life in transit (and why it’s worth it)

I’ve been feeling a little strange lately.

Perhaps it’s all the vodka, or possibly it’s all the protein – potentially it’s the lack of sleep, maybe it’s the excess of avocado, or perchance it’s the absence of apples.

Probably, it’s a combination of the above.

But really, it’s other things altogether. I feel like I’ve been living in transit for the past few years. Between Brisbane, the Gold Coast and New York, I have not spent more than a year in one place in quite some time, and I have been readying myself for my next move at all times. I have spoken with friends about this, increasingly oft of late. Last week I booked my flights to New York, metaphorically sealing the deal on my move. My parents and I agreed that I need a deadline if I am ever to get serious and prepare myself – (this is a common problem in just about every single sector of my life, no surprises that I chose to study deadline-driven Journalism) – and so I am set to fly out of the country in the first week of June.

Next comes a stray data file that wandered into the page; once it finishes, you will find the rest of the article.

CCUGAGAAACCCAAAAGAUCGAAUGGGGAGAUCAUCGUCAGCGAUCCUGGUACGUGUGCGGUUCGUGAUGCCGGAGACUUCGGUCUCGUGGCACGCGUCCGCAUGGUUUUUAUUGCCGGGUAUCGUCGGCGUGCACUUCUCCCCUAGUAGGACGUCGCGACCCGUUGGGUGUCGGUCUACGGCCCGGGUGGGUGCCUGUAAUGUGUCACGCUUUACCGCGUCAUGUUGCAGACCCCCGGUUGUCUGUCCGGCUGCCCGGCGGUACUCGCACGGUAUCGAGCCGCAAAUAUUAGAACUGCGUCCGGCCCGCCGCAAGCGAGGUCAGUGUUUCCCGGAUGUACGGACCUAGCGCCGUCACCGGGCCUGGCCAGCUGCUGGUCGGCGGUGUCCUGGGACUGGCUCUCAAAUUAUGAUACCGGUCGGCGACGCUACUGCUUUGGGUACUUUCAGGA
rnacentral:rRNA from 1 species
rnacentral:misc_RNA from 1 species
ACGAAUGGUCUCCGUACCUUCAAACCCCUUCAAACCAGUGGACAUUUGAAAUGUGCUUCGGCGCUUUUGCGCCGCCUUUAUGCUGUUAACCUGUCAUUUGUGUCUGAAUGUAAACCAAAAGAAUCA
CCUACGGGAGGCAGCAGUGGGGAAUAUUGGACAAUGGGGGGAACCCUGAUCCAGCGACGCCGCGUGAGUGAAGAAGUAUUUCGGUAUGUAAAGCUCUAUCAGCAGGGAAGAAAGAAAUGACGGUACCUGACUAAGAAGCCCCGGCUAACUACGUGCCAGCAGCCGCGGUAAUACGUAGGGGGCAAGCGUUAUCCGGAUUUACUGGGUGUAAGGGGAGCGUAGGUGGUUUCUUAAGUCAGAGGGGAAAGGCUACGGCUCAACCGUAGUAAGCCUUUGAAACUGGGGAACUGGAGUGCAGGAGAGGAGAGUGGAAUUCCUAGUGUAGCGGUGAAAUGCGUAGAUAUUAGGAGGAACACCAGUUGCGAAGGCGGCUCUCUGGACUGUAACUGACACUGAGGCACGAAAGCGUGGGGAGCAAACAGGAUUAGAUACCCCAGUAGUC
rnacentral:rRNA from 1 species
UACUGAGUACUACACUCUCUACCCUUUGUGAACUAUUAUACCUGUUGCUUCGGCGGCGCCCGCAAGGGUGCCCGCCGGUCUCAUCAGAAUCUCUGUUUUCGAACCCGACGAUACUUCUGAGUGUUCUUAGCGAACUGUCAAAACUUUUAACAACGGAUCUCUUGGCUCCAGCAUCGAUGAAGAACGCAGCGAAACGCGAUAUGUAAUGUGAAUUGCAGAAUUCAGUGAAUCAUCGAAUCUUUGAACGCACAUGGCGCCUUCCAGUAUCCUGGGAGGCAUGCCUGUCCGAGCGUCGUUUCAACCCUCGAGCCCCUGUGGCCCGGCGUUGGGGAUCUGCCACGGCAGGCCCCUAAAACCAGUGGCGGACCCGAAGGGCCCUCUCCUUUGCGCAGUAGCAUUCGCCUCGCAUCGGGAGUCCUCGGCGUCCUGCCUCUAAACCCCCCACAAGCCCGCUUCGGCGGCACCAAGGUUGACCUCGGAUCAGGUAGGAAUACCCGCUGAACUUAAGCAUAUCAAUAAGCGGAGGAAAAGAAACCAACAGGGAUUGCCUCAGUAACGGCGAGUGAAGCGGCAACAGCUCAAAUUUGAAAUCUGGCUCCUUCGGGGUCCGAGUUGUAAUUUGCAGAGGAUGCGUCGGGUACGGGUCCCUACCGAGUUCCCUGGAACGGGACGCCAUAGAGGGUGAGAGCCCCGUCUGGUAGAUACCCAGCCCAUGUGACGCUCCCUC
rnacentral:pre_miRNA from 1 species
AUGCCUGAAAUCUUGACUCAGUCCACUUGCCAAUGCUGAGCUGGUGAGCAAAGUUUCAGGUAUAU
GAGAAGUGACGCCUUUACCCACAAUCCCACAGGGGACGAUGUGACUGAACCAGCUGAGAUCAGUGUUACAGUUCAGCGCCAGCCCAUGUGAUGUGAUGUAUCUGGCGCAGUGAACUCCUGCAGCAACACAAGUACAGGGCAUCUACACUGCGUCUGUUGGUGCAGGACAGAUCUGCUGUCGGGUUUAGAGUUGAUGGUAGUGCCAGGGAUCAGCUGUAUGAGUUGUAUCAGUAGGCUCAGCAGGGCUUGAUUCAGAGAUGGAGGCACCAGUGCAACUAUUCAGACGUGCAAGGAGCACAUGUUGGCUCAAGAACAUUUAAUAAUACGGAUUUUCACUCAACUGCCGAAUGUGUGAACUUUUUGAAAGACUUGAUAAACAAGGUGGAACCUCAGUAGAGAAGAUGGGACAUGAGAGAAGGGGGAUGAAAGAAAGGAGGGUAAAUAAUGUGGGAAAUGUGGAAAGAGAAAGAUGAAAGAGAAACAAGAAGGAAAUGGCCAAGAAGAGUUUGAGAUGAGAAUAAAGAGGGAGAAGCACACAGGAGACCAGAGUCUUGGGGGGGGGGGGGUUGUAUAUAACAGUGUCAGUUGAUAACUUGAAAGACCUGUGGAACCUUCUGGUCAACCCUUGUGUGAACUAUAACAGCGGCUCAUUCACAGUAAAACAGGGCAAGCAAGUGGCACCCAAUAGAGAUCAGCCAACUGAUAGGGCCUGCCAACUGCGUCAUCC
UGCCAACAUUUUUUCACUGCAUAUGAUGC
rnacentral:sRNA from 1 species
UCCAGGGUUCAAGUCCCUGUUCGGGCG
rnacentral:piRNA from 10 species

It has been absolutely no secret that my intentions since the day I returned from the States were to find my way back there, through whatever means possible. And then, last year, the universe threw me the biggest juiciest mofo of a bone and in less than four months I will be back home. I quite literally do not think I could be happier about this.

However, the knowledge that I am soon to leave is engulfing the rest of my life in this dreamlike sheen; I feel like none of it is completely real, anymore. That’s, admittedly, a very strong way of putting it, but it’s very hard to validate your own emotions about certain things in your life when you are essentially living by an egg-timer.